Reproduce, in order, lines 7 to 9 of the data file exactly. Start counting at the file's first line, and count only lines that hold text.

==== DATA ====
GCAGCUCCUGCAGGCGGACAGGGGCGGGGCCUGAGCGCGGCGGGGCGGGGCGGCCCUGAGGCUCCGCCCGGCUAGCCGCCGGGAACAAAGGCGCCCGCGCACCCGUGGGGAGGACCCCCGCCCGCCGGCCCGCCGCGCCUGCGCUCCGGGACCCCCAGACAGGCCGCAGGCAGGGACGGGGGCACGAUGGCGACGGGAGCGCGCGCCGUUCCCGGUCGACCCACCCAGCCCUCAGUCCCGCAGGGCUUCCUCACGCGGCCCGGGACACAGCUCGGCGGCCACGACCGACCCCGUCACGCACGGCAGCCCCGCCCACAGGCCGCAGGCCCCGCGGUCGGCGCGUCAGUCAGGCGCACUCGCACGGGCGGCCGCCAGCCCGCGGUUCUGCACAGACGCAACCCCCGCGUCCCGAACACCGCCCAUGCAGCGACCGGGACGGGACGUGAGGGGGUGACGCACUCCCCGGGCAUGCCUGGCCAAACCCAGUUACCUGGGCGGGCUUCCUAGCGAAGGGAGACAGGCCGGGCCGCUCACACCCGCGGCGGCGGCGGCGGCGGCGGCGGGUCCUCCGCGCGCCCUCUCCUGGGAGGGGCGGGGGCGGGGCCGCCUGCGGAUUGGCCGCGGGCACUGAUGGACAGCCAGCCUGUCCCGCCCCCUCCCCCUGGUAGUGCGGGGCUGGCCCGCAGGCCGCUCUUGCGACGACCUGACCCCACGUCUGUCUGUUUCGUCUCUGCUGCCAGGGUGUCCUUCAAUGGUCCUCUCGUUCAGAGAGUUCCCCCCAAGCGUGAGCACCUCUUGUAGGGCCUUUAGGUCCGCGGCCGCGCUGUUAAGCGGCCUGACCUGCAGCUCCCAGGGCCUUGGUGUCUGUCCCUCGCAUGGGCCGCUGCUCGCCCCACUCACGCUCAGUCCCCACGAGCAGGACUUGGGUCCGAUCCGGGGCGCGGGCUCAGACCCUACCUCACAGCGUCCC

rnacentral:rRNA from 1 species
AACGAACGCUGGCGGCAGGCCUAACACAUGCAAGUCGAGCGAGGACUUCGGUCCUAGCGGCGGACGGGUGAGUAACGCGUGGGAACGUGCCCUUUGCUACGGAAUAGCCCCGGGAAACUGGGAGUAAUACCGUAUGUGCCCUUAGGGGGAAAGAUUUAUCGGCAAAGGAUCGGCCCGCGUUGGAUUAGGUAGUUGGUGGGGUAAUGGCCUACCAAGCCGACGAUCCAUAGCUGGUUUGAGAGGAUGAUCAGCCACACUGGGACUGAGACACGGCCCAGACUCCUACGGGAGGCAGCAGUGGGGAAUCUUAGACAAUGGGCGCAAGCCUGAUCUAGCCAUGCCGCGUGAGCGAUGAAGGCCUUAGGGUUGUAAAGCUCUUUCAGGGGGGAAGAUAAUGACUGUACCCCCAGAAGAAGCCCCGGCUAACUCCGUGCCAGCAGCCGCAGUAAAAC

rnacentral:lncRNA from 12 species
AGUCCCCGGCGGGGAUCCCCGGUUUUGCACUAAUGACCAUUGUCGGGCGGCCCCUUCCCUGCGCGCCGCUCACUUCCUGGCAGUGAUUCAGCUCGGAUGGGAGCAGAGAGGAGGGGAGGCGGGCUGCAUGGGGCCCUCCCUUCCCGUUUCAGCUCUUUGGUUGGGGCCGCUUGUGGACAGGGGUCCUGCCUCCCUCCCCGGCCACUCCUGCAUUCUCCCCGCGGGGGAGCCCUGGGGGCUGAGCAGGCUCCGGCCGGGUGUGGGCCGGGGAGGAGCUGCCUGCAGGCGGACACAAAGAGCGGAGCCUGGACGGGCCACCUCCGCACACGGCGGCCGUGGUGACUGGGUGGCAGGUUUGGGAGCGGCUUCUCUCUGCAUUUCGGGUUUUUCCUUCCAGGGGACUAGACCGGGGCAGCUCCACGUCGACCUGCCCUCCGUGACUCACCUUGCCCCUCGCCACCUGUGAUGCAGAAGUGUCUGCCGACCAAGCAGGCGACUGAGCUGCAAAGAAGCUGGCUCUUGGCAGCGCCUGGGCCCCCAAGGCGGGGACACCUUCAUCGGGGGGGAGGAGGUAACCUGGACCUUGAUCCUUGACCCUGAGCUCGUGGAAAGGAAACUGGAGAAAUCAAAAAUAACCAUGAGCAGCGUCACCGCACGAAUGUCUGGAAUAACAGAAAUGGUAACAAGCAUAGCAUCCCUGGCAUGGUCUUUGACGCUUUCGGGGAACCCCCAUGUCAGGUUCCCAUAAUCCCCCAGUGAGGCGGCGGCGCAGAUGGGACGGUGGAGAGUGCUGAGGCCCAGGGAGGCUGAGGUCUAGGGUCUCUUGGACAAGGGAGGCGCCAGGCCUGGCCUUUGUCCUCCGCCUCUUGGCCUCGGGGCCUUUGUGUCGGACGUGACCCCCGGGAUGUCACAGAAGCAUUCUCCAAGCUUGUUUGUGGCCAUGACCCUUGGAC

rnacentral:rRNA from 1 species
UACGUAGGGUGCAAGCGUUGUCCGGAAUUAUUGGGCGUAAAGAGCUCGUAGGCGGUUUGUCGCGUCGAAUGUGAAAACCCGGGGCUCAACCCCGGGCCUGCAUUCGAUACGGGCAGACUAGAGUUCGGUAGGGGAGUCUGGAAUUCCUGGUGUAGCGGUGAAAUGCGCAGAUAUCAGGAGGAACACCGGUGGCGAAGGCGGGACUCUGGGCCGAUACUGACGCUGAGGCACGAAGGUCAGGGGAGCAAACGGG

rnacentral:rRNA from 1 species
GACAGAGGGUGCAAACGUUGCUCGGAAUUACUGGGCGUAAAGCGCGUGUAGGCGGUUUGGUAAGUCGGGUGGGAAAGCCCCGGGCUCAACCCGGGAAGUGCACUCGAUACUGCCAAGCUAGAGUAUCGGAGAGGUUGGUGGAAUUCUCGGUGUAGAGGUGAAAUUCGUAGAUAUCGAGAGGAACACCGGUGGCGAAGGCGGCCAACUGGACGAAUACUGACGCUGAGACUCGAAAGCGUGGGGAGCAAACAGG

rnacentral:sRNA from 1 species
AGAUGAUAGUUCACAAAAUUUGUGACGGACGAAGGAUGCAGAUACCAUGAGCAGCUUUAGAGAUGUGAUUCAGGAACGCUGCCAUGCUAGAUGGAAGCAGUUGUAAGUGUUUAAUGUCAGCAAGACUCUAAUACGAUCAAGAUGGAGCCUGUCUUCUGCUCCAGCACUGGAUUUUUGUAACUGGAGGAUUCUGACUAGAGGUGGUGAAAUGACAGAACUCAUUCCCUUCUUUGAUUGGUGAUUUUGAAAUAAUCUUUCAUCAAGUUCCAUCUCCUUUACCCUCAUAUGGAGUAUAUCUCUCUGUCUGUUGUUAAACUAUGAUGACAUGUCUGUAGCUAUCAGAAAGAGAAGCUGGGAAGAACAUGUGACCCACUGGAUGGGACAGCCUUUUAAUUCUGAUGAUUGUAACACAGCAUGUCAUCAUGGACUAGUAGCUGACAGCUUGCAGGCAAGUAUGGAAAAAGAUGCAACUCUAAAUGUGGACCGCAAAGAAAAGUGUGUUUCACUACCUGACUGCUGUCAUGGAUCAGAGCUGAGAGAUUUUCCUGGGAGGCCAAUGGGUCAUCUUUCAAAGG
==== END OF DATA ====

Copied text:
UACGUAGGGUGCAAGCGUUGUCCGGAAUUAUUGGGCGUAAAGAGCUCGUAGGCGGUUUGUCGCGUCGAAUGUGAAAACCCGGGGCUCAACCCCGGGCCUGCAUUCGAUACGGGCAGACUAGAGUUCGGUAGGGGAGUCUGGAAUUCCUGGUGUAGCGGUGAAAUGCGCAGAUAUCAGGAGGAACACCGGUGGCGAAGGCGGGACUCUGGGCCGAUACUGACGCUGAGGCACGAAGGUCAGGGGAGCAAACGGG

rnacentral:rRNA from 1 species
GACAGAGGGUGCAAACGUUGCUCGGAAUUACUGGGCGUAAAGCGCGUGUAGGCGGUUUGGUAAGUCGGGUGGGAAAGCCCCGGGCUCAACCCGGGAAGUGCACUCGAUACUGCCAAGCUAGAGUAUCGGAGAGGUUGGUGGAAUUCUCGGUGUAGAGGUGAAAUUCGUAGAUAUCGAGAGGAACACCGGUGGCGAAGGCGGCCAACUGGACGAAUACUGACGCUGAGACUCGAAAGCGUGGGGAGCAAACAGG